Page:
*Should be used to enhance students’ skills in critical thinking, writing, and media literacy

First Step:
*In the beginning the focus should be on the story. The problem for many students is their focus on the power of the technology rather than the power of their stories.

*The two important components of teaching storytelling are story mapping and practicing written and oral story- telling before bringing in digital elements.

Story Mapping: A storyboard, used commonly in the movie and TV industry, is an ordered presentation of drawings or photos that each summarize a major story event.
+Enable teachers to quickly assess the strength of a story while it is still in the planning stage and to challenge students to strengthen weak story
+Helps students plan the events of a story
+Enables teachers to quickly assess the strength of a story while it is still in the planning stage and to challenge students to strengthen weak story elements.

*essential components:
+A call to adventure. Normal life is interrupted by a significant event, initiating a physical, emotional, intellectual, or spiritual journey for the main character.
+Problem-solution involving transformation. Characters encounter problems that are solved through a personal transformation of some kind. Transformation can happen in a number of ways, including skill acquisition, maturation, learning, and self-discovery.
+Closure. The story comes to a meaningful conclusion, not necessarily through a happy ending. Often, closure involves the main character's realization of something significant, a moral, or evidence that something or someone has changed.

Written and Oral Storytelling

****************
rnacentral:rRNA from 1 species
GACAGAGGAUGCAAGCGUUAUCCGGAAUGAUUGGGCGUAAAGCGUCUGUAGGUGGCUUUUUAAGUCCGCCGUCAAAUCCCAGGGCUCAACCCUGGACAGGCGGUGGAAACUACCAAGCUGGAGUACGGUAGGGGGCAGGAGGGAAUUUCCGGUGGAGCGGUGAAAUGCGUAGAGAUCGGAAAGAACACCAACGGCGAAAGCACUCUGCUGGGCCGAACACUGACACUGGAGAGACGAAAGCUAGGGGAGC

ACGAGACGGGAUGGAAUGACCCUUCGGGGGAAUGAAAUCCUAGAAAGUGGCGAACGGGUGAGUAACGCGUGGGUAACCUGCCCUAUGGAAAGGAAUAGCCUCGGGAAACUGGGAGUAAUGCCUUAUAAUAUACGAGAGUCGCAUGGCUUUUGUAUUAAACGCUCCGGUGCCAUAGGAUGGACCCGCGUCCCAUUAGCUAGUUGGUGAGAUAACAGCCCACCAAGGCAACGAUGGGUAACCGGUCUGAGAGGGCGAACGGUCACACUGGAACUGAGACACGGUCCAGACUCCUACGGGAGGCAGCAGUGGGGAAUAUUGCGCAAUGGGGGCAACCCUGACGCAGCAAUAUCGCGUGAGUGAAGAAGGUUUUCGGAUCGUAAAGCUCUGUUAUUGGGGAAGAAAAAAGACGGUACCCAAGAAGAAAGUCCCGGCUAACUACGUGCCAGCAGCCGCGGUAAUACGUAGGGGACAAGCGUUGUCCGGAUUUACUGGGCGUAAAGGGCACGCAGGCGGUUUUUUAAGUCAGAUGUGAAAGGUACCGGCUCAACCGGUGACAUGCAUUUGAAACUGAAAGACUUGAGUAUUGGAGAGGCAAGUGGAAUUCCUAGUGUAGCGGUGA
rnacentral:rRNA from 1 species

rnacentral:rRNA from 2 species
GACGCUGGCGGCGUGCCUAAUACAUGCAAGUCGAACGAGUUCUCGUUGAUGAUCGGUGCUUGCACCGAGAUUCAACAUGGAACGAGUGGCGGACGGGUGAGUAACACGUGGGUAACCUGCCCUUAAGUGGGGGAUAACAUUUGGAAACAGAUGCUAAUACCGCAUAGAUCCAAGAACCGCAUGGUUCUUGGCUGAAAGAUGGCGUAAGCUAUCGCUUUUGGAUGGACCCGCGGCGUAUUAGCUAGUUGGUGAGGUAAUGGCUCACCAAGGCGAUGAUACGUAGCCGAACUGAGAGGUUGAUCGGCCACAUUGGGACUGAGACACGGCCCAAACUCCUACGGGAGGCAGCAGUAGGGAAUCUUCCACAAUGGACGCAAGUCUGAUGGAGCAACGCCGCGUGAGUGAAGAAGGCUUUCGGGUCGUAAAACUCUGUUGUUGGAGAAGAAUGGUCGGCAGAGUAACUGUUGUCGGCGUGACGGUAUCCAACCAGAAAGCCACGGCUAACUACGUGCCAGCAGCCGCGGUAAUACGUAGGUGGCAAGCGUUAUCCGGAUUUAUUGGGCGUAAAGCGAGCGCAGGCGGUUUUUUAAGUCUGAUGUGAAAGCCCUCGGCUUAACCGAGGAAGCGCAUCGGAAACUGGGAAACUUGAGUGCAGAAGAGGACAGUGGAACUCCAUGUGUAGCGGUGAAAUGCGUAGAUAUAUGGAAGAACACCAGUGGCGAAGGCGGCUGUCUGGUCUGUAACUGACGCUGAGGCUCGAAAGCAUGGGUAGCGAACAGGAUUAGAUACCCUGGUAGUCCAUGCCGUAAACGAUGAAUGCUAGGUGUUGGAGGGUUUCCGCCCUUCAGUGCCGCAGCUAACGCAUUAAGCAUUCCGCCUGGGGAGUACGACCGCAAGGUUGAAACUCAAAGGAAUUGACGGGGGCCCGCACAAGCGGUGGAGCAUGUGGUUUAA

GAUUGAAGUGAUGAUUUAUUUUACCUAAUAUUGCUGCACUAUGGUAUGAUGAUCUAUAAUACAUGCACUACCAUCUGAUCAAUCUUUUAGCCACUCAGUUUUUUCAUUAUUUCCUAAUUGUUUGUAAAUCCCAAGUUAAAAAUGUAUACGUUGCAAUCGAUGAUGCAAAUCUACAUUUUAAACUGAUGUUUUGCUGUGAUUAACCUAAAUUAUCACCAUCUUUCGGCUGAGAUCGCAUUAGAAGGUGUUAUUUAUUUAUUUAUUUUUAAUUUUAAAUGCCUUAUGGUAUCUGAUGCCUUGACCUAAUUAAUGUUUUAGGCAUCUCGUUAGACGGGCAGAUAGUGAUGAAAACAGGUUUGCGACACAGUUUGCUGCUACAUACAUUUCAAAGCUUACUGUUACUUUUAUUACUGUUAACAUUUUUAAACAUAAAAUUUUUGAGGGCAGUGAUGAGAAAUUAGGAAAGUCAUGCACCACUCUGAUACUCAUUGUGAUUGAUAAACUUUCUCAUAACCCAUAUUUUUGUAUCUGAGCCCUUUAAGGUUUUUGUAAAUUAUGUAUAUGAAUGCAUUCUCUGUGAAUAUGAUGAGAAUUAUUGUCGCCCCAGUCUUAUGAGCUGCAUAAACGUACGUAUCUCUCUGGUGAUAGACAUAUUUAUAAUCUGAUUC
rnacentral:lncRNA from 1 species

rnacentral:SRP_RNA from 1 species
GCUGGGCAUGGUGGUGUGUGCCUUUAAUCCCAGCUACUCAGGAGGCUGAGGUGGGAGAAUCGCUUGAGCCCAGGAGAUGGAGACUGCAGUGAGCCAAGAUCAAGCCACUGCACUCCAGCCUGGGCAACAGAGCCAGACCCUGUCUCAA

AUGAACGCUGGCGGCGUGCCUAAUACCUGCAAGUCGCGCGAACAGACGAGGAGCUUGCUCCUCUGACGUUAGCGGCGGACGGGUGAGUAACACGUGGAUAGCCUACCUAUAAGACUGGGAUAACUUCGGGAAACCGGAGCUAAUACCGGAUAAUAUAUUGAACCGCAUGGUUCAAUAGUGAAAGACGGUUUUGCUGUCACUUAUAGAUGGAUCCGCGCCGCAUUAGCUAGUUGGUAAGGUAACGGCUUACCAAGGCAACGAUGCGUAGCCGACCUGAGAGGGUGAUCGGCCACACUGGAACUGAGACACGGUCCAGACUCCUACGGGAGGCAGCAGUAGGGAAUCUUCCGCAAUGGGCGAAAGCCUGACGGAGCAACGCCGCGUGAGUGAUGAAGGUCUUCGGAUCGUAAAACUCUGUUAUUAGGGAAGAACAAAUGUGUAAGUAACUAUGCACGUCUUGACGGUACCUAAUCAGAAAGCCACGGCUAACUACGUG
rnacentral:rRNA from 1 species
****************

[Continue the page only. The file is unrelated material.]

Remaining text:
+The most important tool used in the creation of a digital story is writing scripts and story treatments.
+Oral storytelling is a powerful way for students to develop their own voices and discover what events and details are essential to their stories.

Creating a Tie-In to Academic Skills
The lessons need to be tied to the curriculum and used to strengthen students' critical thinking, report writing, and media literacy skills.

Media Literacy
Creating digital stories is a perfect opportunity to engage students in media literacy, in learning about how the media influence our perceptions of the world

Tapping Dormant Skills
Through creating narratives, students develop the power of their own voices and become heroes of their own learning stories. Most important, digital storytelling helps students become active participants rather than passive consumers in a society saturated with media.

What I say:

While working with these types of projects I think the most important fact to remember is that it needs to be made worth it. These tools needed for projects can be expensive to come up with, so what the student is doing with them needs to be worth it. While using this technology in the classroom can seem fun, the fun cannot take away from the learning. Just like the author said, lessons need to be used that are implanting the curriculum used in class, that are teaching the students’ critical thinking skills, and about technology.

I also agree with the author on the importance of the written and oral storytelling. These parts of the digital storytelling are crucial to the students learning. These are the activities that help students review what information they know, and what they are trying to tell the audience, and then implement that. The students need to work on the writing aspect and practice visualizing what they want to tell, then talking about it, and then transferring it to paper. This can help students learn to vocalize what they know and feel, while teaching them writing skills.

I liked the aspect the author brought up about teaching media literacy, how when the students are doing the projects, to help them see how the media works in our lives, and how they use information to create mind frames in viewers. I think this is an important aspect for students to understand. As students work on these projects they will learn how media can be used to enhance a story and create and draw emotions from viewers. Students need to see how the media does this so that they can know when they are seeing it on TV and in movies.